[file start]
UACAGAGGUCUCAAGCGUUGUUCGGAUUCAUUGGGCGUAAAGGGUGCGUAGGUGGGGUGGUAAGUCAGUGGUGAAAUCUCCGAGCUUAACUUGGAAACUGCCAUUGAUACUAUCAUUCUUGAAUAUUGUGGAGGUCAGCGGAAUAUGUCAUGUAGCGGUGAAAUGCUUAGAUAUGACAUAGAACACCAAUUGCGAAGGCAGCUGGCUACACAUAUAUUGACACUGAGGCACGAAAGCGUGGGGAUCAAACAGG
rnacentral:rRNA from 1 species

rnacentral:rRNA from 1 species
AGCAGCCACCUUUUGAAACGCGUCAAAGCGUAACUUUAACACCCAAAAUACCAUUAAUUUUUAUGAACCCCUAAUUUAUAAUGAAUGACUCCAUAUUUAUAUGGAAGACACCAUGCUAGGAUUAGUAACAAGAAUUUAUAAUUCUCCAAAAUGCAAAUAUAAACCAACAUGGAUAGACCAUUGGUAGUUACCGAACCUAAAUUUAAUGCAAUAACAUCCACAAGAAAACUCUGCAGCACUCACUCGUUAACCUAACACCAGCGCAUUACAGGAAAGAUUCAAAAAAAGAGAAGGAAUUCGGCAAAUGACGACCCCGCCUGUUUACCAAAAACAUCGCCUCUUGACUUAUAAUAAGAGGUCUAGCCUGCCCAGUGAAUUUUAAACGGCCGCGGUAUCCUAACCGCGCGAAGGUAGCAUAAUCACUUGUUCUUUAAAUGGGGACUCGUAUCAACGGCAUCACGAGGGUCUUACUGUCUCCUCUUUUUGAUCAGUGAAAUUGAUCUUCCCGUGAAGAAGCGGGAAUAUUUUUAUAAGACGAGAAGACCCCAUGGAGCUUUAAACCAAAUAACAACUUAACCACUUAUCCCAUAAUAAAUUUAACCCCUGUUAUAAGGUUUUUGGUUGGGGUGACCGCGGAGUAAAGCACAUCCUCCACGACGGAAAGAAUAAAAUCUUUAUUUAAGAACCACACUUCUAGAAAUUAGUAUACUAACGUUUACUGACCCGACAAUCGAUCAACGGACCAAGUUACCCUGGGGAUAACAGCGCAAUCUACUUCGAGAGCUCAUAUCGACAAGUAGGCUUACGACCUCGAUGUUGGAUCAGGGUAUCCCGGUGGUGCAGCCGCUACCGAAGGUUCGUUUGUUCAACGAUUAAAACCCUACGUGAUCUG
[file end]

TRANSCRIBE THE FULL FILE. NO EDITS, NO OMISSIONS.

UACAGAGGUCUCAAGCGUUGUUCGGAUUCAUUGGGCGUAAAGGGUGCGUAGGUGGGGUGGUAAGUCAGUGGUGAAAUCUCCGAGCUUAACUUGGAAACUGCCAUUGAUACUAUCAUUCUUGAAUAUUGUGGAGGUCAGCGGAAUAUGUCAUGUAGCGGUGAAAUGCUUAGAUAUGACAUAGAACACCAAUUGCGAAGGCAGCUGGCUACACAUAUAUUGACACUGAGGCACGAAAGCGUGGGGAUCAAACAGG
rnacentral:rRNA from 1 species

rnacentral:rRNA from 1 species
AGCAGCCACCUUUUGAAACGCGUCAAAGCGUAACUUUAACACCCAAAAUACCAUUAAUUUUUAUGAACCCCUAAUUUAUAAUGAAUGACUCCAUAUUUAUAUGGAAGACACCAUGCUAGGAUUAGUAACAAGAAUUUAUAAUUCUCCAAAAUGCAAAUAUAAACCAACAUGGAUAGACCAUUGGUAGUUACCGAACCUAAAUUUAAUGCAAUAACAUCCACAAGAAAACUCUGCAGCACUCACUCGUUAACCUAACACCAGCGCAUUACAGGAAAGAUUCAAAAAAAGAGAAGGAAUUCGGCAAAUGACGACCCCGCCUGUUUACCAAAAACAUCGCCUCUUGACUUAUAAUAAGAGGUCUAGCCUGCCCAGUGAAUUUUAAACGGCCGCGGUAUCCUAACCGCGCGAAGGUAGCAUAAUCACUUGUUCUUUAAAUGGGGACUCGUAUCAACGGCAUCACGAGGGUCUUACUGUCUCCUCUUUUUGAUCAGUGAAAUUGAUCUUCCCGUGAAGAAGCGGGAAUAUUUUUAUAAGACGAGAAGACCCCAUGGAGCUUUAAACCAAAUAACAACUUAACCACUUAUCCCAUAAUAAAUUUAACCCCUGUUAUAAGGUUUUUGGUUGGGGUGACCGCGGAGUAAAGCACAUCCUCCACGACGGAAAGAAUAAAAUCUUUAUUUAAGAACCACACUUCUAGAAAUUAGUAUACUAACGUUUACUGACCCGACAAUCGAUCAACGGACCAAGUUACCCUGGGGAUAACAGCGCAAUCUACUUCGAGAGCUCAUAUCGACAAGUAGGCUUACGACCUCGAUGUUGGAUCAGGGUAUCCCGGUGGUGCAGCCGCUACCGAAGGUUCGUUUGUUCAACGAUUAAAACCCUACGUGAUCUG